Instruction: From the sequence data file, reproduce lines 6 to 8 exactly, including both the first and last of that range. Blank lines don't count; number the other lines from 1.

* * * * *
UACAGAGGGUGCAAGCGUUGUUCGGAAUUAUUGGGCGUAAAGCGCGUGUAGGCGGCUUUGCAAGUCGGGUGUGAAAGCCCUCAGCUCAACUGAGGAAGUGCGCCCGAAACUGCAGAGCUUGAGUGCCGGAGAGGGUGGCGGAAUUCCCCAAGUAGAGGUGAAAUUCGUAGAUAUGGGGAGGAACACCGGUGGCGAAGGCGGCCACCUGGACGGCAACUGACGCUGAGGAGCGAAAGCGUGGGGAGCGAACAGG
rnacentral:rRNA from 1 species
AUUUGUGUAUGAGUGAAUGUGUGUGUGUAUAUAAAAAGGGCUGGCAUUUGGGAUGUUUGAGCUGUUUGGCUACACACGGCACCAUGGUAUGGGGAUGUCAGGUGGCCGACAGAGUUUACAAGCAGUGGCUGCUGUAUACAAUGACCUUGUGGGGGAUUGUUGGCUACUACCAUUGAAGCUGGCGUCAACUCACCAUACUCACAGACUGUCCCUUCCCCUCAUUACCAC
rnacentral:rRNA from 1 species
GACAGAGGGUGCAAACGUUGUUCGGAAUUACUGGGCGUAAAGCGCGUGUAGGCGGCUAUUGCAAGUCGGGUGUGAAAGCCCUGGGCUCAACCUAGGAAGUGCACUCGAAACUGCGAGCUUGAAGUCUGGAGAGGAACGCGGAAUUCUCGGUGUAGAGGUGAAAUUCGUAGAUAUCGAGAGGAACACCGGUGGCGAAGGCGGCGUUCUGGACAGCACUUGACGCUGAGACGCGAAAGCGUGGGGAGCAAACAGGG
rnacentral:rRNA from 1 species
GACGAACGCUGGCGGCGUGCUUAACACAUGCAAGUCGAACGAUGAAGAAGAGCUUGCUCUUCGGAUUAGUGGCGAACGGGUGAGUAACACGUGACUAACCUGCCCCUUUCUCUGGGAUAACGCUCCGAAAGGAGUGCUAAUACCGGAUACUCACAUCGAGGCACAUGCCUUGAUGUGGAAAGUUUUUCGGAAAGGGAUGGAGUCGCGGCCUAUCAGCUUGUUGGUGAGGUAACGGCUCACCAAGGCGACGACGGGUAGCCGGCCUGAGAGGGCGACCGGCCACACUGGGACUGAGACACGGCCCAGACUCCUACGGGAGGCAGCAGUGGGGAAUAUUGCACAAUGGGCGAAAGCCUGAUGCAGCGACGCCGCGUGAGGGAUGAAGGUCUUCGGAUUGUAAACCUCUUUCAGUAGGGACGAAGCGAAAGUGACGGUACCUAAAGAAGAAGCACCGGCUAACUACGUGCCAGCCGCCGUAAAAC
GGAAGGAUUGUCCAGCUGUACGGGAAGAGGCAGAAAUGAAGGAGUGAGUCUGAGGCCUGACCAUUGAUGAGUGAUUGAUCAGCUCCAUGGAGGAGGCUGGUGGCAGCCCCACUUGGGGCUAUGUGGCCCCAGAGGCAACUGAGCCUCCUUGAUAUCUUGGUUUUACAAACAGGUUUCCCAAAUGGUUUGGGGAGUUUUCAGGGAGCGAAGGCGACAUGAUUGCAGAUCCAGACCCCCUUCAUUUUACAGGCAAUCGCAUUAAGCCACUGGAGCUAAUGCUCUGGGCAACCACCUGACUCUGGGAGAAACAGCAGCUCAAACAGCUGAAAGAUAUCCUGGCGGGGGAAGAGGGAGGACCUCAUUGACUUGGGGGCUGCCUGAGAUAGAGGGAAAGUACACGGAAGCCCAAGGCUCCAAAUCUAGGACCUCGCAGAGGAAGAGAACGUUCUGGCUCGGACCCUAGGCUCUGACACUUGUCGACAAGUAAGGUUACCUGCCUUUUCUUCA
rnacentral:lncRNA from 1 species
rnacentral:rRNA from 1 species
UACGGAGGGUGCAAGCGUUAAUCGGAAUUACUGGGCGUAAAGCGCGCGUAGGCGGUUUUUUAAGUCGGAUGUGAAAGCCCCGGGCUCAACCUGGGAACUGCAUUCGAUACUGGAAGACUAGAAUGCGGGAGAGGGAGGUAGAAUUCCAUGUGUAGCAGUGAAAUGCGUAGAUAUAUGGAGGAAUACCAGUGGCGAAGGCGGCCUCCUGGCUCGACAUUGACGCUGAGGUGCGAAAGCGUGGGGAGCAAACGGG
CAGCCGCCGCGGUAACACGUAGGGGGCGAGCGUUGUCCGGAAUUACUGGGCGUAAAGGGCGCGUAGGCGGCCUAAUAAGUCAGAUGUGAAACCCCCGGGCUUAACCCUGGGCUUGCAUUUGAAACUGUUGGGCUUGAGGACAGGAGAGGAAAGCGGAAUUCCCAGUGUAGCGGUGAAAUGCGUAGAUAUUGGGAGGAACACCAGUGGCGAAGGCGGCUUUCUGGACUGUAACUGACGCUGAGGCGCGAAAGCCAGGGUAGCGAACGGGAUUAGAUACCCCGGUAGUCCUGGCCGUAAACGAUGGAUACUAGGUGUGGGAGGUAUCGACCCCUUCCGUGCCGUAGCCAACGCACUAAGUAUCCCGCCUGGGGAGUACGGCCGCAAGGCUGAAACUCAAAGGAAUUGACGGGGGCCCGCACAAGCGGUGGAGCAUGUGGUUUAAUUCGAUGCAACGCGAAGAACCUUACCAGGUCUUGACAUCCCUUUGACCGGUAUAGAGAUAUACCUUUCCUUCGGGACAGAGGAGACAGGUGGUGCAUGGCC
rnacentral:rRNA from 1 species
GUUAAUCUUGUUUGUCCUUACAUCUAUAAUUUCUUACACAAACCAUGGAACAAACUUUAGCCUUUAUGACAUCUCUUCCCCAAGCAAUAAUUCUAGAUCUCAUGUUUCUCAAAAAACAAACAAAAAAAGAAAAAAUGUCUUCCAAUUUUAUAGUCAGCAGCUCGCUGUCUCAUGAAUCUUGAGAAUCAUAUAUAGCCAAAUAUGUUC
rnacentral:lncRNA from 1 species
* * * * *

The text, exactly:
rnacentral:rRNA from 1 species
GACGAACGCUGGCGGCGUGCUUAACACAUGCAAGUCGAACGAUGAAGAAGAGCUUGCUCUUCGGAUUAGUGGCGAACGGGUGAGUAACACGUGACUAACCUGCCCCUUUCUCUGGGAUAACGCUCCGAAAGGAGUGCUAAUACCGGAUACUCACAUCGAGGCACAUGCCUUGAUGUGGAAAGUUUUUCGGAAAGGGAUGGAGUCGCGGCCUAUCAGCUUGUUGGUGAGGUAACGGCUCACCAAGGCGACGACGGGUAGCCGGCCUGAGAGGGCGACCGGCCACACUGGGACUGAGACACGGCCCAGACUCCUACGGGAGGCAGCAGUGGGGAAUAUUGCACAAUGGGCGAAAGCCUGAUGCAGCGACGCCGCGUGAGGGAUGAAGGUCUUCGGAUUGUAAACCUCUUUCAGUAGGGACGAAGCGAAAGUGACGGUACCUAAAGAAGAAGCACCGGCUAACUACGUGCCAGCCGCCGUAAAAC
GGAAGGAUUGUCCAGCUGUACGGGAAGAGGCAGAAAUGAAGGAGUGAGUCUGAGGCCUGACCAUUGAUGAGUGAUUGAUCAGCUCCAUGGAGGAGGCUGGUGGCAGCCCCACUUGGGGCUAUGUGGCCCCAGAGGCAACUGAGCCUCCUUGAUAUCUUGGUUUUACAAACAGGUUUCCCAAAUGGUUUGGGGAGUUUUCAGGGAGCGAAGGCGACAUGAUUGCAGAUCCAGACCCCCUUCAUUUUACAGGCAAUCGCAUUAAGCCACUGGAGCUAAUGCUCUGGGCAACCACCUGACUCUGGGAGAAACAGCAGCUCAAACAGCUGAAAGAUAUCCUGGCGGGGGAAGAGGGAGGACCUCAUUGACUUGGGGGCUGCCUGAGAUAGAGGGAAAGUACACGGAAGCCCAAGGCUCCAAAUCUAGGACCUCGCAGAGGAAGAGAACGUUCUGGCUCGGACCCUAGGCUCUGACACUUGUCGACAAGUAAGGUUACCUGCCUUUUCUUCA